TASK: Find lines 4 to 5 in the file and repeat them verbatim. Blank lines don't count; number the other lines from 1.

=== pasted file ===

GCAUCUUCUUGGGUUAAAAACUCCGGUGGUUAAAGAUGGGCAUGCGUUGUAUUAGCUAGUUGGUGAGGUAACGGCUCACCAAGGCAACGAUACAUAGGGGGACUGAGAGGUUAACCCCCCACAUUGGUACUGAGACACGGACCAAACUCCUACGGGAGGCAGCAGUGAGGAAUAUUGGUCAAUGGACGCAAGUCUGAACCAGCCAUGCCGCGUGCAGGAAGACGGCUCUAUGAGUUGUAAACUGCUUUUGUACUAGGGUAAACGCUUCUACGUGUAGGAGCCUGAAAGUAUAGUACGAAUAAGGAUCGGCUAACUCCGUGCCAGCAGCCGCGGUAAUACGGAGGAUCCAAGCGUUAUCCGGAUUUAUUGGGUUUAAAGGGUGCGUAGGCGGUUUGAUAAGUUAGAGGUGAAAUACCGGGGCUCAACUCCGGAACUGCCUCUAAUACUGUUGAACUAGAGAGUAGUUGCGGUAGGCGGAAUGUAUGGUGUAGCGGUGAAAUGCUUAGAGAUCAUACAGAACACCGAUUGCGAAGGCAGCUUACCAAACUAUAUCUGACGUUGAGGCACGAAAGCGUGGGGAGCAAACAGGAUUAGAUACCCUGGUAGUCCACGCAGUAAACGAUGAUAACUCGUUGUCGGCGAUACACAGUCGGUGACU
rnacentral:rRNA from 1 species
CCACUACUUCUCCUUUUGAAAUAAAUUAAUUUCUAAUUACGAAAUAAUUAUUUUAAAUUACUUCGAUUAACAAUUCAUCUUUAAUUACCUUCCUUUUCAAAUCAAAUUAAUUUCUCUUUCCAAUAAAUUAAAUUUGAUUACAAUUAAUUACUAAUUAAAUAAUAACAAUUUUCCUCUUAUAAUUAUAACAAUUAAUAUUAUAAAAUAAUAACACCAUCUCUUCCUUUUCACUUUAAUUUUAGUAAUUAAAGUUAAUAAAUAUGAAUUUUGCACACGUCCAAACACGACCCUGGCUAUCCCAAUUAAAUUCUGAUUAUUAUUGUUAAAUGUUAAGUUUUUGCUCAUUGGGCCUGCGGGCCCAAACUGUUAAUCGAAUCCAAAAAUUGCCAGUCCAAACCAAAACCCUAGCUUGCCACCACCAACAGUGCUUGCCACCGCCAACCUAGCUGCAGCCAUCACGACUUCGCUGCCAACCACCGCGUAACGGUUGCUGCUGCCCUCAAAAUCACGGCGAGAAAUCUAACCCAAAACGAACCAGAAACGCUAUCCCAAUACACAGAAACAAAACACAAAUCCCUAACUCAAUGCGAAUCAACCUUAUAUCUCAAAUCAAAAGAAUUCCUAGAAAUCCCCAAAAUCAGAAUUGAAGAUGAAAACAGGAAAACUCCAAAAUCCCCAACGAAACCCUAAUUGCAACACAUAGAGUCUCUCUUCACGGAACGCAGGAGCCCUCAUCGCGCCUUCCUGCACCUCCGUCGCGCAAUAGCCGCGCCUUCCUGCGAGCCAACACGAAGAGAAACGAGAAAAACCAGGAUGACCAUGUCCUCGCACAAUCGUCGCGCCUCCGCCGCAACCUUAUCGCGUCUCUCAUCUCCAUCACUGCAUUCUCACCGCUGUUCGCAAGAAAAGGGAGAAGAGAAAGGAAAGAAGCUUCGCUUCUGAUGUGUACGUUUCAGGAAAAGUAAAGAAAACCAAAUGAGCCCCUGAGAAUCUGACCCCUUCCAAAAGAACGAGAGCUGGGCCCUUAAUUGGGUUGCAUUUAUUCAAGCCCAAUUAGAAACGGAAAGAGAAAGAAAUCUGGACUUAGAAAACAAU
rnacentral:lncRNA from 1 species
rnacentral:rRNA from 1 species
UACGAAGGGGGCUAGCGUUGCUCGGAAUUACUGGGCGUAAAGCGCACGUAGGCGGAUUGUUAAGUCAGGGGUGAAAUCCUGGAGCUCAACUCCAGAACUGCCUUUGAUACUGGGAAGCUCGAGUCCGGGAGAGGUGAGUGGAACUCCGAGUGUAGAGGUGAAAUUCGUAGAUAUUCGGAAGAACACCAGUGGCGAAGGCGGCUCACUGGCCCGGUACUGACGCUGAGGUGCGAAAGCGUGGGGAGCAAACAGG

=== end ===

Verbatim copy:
rnacentral:lncRNA from 1 species
rnacentral:rRNA from 1 species